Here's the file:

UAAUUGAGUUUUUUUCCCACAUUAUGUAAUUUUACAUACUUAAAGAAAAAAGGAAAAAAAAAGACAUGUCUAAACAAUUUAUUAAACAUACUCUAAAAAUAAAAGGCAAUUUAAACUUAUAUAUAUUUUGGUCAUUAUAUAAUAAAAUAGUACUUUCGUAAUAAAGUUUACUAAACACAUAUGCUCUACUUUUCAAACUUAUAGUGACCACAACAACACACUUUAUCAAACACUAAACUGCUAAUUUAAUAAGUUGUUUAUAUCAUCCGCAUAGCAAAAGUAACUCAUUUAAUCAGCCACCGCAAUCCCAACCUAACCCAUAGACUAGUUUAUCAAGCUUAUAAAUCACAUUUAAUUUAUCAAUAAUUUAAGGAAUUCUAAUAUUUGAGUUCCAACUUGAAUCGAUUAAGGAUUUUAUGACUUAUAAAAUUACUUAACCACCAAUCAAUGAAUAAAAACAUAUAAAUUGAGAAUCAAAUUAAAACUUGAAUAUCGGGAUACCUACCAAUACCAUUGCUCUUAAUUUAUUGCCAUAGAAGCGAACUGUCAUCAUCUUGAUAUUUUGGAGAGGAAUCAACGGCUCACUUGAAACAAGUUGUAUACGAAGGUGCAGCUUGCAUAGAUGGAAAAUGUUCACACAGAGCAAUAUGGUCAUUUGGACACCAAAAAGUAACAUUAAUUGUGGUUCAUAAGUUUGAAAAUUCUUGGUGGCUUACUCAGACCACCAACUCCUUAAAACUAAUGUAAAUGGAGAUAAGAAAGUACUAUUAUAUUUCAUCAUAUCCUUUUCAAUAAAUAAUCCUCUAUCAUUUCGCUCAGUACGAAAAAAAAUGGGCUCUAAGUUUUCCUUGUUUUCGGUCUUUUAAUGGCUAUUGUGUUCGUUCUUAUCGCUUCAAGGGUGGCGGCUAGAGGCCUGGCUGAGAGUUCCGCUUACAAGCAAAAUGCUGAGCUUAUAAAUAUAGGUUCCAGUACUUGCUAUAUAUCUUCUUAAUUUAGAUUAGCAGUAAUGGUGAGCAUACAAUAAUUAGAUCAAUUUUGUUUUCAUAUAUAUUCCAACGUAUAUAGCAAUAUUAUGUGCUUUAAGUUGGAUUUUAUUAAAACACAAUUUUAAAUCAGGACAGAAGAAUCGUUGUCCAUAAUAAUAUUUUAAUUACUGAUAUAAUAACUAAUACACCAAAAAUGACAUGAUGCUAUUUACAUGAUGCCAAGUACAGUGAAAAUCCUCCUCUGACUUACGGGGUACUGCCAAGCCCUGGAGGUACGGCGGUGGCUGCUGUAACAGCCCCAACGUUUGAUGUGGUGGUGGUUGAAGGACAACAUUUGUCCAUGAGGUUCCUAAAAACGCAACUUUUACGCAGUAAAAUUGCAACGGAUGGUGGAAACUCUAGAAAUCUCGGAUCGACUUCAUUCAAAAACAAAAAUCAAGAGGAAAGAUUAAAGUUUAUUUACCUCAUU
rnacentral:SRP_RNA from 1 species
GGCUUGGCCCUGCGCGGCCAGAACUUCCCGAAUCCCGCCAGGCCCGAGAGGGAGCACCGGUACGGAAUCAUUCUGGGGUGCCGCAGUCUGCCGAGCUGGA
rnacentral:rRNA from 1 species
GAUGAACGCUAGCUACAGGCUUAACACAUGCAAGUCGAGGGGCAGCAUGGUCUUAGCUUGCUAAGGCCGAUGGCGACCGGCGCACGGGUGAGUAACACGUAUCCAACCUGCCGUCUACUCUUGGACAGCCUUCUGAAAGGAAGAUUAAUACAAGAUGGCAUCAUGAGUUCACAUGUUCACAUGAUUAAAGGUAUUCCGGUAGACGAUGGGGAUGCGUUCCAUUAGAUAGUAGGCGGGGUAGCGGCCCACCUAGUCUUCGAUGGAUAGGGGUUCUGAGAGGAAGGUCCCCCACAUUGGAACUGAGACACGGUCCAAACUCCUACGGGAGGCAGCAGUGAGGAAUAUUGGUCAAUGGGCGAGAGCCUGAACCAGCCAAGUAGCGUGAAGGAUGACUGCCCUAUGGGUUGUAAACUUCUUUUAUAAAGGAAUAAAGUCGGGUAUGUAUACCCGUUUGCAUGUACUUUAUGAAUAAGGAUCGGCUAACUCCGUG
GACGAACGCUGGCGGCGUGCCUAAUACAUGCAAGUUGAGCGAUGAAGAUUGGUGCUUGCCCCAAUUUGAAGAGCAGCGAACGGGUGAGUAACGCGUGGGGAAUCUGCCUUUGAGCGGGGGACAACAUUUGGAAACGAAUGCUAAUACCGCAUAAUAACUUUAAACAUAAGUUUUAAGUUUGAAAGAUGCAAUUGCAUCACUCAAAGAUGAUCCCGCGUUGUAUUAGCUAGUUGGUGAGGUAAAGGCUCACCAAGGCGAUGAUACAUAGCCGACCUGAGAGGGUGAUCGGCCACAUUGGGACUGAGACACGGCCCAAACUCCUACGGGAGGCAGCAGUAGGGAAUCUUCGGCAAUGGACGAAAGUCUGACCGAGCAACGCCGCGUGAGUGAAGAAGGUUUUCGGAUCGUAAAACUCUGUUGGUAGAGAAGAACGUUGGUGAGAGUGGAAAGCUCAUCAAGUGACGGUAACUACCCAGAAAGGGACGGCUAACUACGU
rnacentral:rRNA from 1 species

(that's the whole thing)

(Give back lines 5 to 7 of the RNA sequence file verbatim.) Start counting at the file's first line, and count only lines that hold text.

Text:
GAUGAACGCUAGCUACAGGCUUAACACAUGCAAGUCGAGGGGCAGCAUGGUCUUAGCUUGCUAAGGCCGAUGGCGACCGGCGCACGGGUGAGUAACACGUAUCCAACCUGCCGUCUACUCUUGGACAGCCUUCUGAAAGGAAGAUUAAUACAAGAUGGCAUCAUGAGUUCACAUGUUCACAUGAUUAAAGGUAUUCCGGUAGACGAUGGGGAUGCGUUCCAUUAGAUAGUAGGCGGGGUAGCGGCCCACCUAGUCUUCGAUGGAUAGGGGUUCUGAGAGGAAGGUCCCCCACAUUGGAACUGAGACACGGUCCAAACUCCUACGGGAGGCAGCAGUGAGGAAUAUUGGUCAAUGGGCGAGAGCCUGAACCAGCCAAGUAGCGUGAAGGAUGACUGCCCUAUGGGUUGUAAACUUCUUUUAUAAAGGAAUAAAGUCGGGUAUGUAUACCCGUUUGCAUGUACUUUAUGAAUAAGGAUCGGCUAACUCCGUG
GACGAACGCUGGCGGCGUGCCUAAUACAUGCAAGUUGAGCGAUGAAGAUUGGUGCUUGCCCCAAUUUGAAGAGCAGCGAACGGGUGAGUAACGCGUGGGGAAUCUGCCUUUGAGCGGGGGACAACAUUUGGAAACGAAUGCUAAUACCGCAUAAUAACUUUAAACAUAAGUUUUAAGUUUGAAAGAUGCAAUUGCAUCACUCAAAGAUGAUCCCGCGUUGUAUUAGCUAGUUGGUGAGGUAAAGGCUCACCAAGGCGAUGAUACAUAGCCGACCUGAGAGGGUGAUCGGCCACAUUGGGACUGAGACACGGCCCAAACUCCUACGGGAGGCAGCAGUAGGGAAUCUUCGGCAAUGGACGAAAGUCUGACCGAGCAACGCCGCGUGAGUGAAGAAGGUUUUCGGAUCGUAAAACUCUGUUGGUAGAGAAGAACGUUGGUGAGAGUGGAAAGCUCAUCAAGUGACGGUAACUACCCAGAAAGGGACGGCUAACUACGU
rnacentral:rRNA from 1 species